Beyond that, Kate and I were involved with care for all four of our parents over a period of 23 consecutive years. Kate’s mother lived with us the last 5 years and 3 months of her life. During that time, she had round-the-clock care by a team of 6-7 paid caregivers. Kate was diagnosed 2 years before my dad died. That means I have been involved directly or indirectly with caregiving for 28 consecutive years.

Until Kate was diagnosed, I didn’t put much thought into ways that I might minimize stress. My initial focus was a joint one. We wanted to take advantage of our time together. That meant we had to make every moment count. I am satisfied that we have done that and continue to do so although life is different now.

As Kate’s condition progressed, I began to think more about stress. I can’t remember the earliest time that I consciously took it seriously, but very early on I began to initiate several changes in my own life to prevent or minimize stress.

The first thing I did was to increase my exercise time. For over twenty years, I had been a regular at the Y although my professional travel meant that I wasn’t as frequent there as I wanted to be. As I was nearing retirement, I travelled less. That enabled me to be at the Y three mornings a week on a more regular basis. I arrived shortly before 7:00 and got to the office at 9:00. After her diagnosis, I started walking in the neighborhood the other four mornings of the week. I developed three different routes of varying lengths. The one I considered my default was almost exactly three miles, another two miles, and the third about a mile and a half. These days I still have three routes, but each is slightly shorter than the original ones.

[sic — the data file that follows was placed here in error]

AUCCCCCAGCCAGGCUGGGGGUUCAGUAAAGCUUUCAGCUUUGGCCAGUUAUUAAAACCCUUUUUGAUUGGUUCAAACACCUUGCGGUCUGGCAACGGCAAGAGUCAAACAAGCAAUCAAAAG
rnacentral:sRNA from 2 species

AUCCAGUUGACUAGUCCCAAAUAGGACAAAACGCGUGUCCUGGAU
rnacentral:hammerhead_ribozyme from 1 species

As I began to feel uncomfortable leaving Kate alone, I have made some changes I felt were necessary. My major motivation for bringing in a sitter was to enable me to get to the Y. When I considered the most appropriate schedule for our situation, I decided to have the sitter come in the afternoon rather than the morning. That made for a double benefit on Monday because that would allow me to attend Rotary and then go to the Y. We started that schedule in September of this past year, and it has worked well. I have found, however, that sometimes I have other things like occasional United Way meetings that are usually on a Monday. When that happens, I sacrifice my time at the Y. To make up for that, I started walking every morning and going to the Y three days a week except when other things prevent it. Of course, there are always times when the weather is bad. I don’t walk in the rain, and I don’t walk when it is below 25 degrees.